Openings and Closings: August 25 to August 31

Elizabeth Lanza Art, Exhibitions

Woolworth Building in New York City, 1913. Library of Congress, Prints and Photographs Division, Washington, DC; © The Pictorial News Co., New York No. NN 98, via Wikimedia Commons.

Fralin Museum of Art at the University of Virginia, Charlottesville, Virginia

When you picture a skyscraper, what do you see? Presumably, sleek lines, walls of windows, and maybe an indoor waterfall. However, the architectural language of the most iconic skyscrapers in the US was defined in the early twentieth century by European Gothic models. Such soaring edifices as the Woolworth Building in New York or Chicago’s Tribune Tower became symbols of colossal national growth and immense cultural shift. An exhibition at the Fralin Museum of Art — Skyscraper Gothic — celebrates the illustrious history of these beautiful buildings. Examining a vast array of documents and artifacts — from prints, drawings, and photographs to toys, models, and decorative arts — the exhibition examines how Gothic design informed material culture in the early 20th century. To see this monumental exhibition in person, check here to plan your trip.

Still Life with Quince, Cabbage, Melon, and Cucumber by Juan Sánchez Cotán (1560–1627), c. 1602. San Diego Museum of Art, California.

San Diego Museum of Art, California

Exhibitions of contemporary artists’ responses to historical art are in vogue right now. At the San Diego Museum of Art, you will find a captivating new video work by artist Cauleen Smith in conversation with its inspiration, the c. 1602 Still Life with Quince, Cabbage, Melon, and Cucumber by Juan Sánchez Cotán. In Juan Sánchez Cotán and Cauleen Smith: Mystical Time and Deceptive Light, Cauleen Smith addresses the celestial and often-times eerie quality of shadow and light in Cotán’s work and what she describes as “the void” that is integral to Cotán’s compositions. Mystical Time and Deceptive Light closes its doors on September 6 so, check here to plan your visit to the museum before the exhibition closes.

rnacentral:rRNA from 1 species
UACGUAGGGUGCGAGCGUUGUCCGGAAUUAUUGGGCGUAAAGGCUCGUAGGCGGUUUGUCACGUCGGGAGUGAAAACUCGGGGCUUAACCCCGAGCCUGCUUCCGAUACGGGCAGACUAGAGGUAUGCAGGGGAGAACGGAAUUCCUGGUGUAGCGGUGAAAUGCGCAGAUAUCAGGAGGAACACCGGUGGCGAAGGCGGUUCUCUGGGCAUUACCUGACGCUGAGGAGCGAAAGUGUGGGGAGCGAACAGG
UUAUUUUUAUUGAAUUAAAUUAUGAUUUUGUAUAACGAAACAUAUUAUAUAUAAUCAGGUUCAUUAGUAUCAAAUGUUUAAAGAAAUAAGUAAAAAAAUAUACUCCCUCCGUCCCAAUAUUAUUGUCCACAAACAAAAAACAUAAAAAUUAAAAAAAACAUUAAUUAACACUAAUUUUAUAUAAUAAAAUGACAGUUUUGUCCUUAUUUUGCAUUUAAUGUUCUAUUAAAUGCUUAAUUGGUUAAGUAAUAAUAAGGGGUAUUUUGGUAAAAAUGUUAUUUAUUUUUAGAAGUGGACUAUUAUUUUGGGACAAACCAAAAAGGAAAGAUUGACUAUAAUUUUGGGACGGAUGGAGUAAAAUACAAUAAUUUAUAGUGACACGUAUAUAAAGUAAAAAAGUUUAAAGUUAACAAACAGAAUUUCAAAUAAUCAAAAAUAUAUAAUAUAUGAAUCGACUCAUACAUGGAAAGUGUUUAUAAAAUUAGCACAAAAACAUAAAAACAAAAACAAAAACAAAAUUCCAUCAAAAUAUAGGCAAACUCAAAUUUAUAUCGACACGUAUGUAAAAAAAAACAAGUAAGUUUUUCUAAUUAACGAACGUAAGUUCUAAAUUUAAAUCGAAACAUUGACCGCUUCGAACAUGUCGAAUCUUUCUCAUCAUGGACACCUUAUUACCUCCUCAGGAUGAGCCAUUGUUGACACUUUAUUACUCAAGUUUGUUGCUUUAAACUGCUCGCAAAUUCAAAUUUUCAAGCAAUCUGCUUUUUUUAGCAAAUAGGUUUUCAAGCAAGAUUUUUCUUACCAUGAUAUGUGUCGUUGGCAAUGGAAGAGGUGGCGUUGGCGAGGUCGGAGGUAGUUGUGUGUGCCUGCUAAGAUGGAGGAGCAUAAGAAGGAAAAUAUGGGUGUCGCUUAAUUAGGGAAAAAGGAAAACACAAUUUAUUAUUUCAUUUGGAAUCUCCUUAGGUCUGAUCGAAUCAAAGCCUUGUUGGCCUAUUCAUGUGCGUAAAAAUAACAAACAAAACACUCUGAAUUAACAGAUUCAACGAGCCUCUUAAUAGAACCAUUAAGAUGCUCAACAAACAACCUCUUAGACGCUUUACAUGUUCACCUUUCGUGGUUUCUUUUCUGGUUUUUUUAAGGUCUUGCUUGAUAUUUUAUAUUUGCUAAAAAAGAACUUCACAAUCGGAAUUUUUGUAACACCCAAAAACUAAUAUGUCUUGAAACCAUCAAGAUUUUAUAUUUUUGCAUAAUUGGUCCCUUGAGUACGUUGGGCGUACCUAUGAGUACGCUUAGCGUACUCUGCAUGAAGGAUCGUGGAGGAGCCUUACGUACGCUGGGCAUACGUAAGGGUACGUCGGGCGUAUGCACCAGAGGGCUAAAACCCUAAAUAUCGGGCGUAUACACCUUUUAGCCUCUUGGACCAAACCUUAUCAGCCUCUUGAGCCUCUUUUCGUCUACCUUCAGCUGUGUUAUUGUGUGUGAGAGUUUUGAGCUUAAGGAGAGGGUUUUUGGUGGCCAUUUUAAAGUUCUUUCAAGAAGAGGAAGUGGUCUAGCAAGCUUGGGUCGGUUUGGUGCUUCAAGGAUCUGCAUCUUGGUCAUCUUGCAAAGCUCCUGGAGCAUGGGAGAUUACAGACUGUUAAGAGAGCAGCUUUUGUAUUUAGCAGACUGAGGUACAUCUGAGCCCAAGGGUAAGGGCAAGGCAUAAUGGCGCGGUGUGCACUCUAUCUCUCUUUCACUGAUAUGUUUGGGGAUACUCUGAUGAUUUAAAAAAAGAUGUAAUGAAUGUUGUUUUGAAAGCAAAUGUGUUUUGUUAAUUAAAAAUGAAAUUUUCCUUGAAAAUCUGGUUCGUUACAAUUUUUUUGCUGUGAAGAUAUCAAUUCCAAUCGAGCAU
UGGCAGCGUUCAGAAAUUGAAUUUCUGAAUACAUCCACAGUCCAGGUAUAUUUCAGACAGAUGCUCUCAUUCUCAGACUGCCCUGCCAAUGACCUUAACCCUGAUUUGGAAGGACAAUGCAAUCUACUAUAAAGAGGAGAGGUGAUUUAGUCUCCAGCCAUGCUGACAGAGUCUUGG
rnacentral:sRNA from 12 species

One South Wacker Drive, Chicago, Illinois, c. 2008, constructed 1979–1982. Murphy/Jahn Inc. Architects; via Wikimedia Commons.

Chicago Architecture Center, Illinois

The late German-American architect Helmut Jahn is memorialized worldwide for his architectural designs, which include the Sony Center on the Potsdamer Platz in Berlin, One Liberty Place in Philadelphia, and the Suvarnabhumi Airport in Bangkok. And now Jahn is being lionized with an exhibition at the Chicago Architecture Center appellated Helmut Jahn: Life + Architecture. Curators at CAC drew from private and public collections to display photographs, models, and sketches of each of Jahn’s projects, as well as personal photos, videos, and anecdotes from those who knew and worked with Jahn. Together, museum visitors are presented with a diligently curated celebration of Jahn’s life and work. Before making your way over to the museum, organize your trip here.

Bacchus with a panther from Piacenza, Roman, AD 50–150. Naples National Archaeological Museum, Naples, Italy (Museo Archeologico Nazionale di Napoli, Italia); courtesy of the Legion of Honor Museum, San Francisco, California.

Legion of Honor Museum, San Francisco, California

Picture this: the year is 79 CE and the residents of Pompeii are going about their usual business. In a matter of fifteen minutes, the entire city is buried under twenty feet of volcanic ash spouted by an eruption of nearby Mount Vesuvius. Now, roughly 1,940 years later, those Pompeiians are frozen in time as near perfect plaster casts. A source of intrigue for everyone from historians to elementary school students, the casts are the center of attention in the exhibition Last Supper in Pompeii: From the Table to the Grave at the Legion of Honor Museum. Last Supper in Pompeii brings museum-goers down to earth, highlighting the aspects of everyday life ­– food and drink in particular – that volcanic ash preserved, untouched by time. From pots and pans to works of art, the exhibition paints a detailed picture of normal life on the most un-normal day in Pompeii’s history. Make sure to plan your trip in advance here before the exhibition closes on August 29.